Monday, December 17, 2007
Here’s a lengthy press release spotlighting the latest Madison Avenue diversity effort. Scan through it quickly to check the MultiCultClassics commentary immediately following…
Omnicom Announces Creation of Diversity Development Advisory Committee
Ceremony at City Hall Brings Business and Diversity Leaders Together To Launch Effort
NEW YORK -- Omnicom Group Inc., a leading global and corporate communications company, announced the creation of the Omnicom Diversity Development Advisory Committee (DDAC), which will focus on the development of initiatives that will enhance diversity at Omnicom, and by extension, throughout the advertising industry. Omnicom has committed $1.25 million over five years to this initiative.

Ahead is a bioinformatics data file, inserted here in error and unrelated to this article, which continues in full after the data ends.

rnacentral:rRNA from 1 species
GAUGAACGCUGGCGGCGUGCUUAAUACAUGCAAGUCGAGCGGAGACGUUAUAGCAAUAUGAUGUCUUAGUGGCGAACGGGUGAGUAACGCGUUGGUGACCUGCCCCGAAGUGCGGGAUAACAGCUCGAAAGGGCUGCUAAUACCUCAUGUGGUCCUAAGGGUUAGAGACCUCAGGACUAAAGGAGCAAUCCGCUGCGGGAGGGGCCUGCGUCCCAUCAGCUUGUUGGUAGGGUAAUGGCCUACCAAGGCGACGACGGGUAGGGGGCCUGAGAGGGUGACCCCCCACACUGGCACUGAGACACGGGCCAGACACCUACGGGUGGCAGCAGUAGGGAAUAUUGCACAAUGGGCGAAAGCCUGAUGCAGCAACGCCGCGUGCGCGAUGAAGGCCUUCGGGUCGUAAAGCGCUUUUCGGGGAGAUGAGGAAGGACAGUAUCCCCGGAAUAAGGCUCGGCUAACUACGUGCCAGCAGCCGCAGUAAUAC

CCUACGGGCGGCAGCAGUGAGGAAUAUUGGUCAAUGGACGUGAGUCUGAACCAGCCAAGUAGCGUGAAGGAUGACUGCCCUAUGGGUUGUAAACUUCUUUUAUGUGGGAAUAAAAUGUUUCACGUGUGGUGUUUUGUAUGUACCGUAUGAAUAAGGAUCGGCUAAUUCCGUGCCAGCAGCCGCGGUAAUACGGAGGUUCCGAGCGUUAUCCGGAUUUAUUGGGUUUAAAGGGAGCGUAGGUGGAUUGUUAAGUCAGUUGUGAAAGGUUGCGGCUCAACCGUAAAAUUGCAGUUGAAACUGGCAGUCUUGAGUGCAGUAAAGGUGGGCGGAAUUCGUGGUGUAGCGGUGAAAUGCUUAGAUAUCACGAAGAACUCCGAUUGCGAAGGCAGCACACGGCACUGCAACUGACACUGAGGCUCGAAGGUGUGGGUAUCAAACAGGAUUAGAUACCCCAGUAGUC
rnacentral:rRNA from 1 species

Omnicom’s President and Chief Executive Officer John D. Wren stated, “I am proud to stand with H. Carl McCall, Omnicom’s DDAC Chair, and lead this unprecedented effort to enhance diversity in the advertising industry. I am especially grateful for the leadership of City Council Speaker Quinn and Council Member Seabrook in this important endeavor.”
City Council Speaker Christine C. Quinn said, “The City Council has long been advocating for increased diversity in the advertising industry. I am extremely proud that the City Council, led by Council Member Seabrook, has worked closely with Omnicom to create this distinguished committee. With this commitment, Omnicom is placing itself at the forefront of diversity efforts in advertising, and we hope that this can serve as a model for the entire industry.”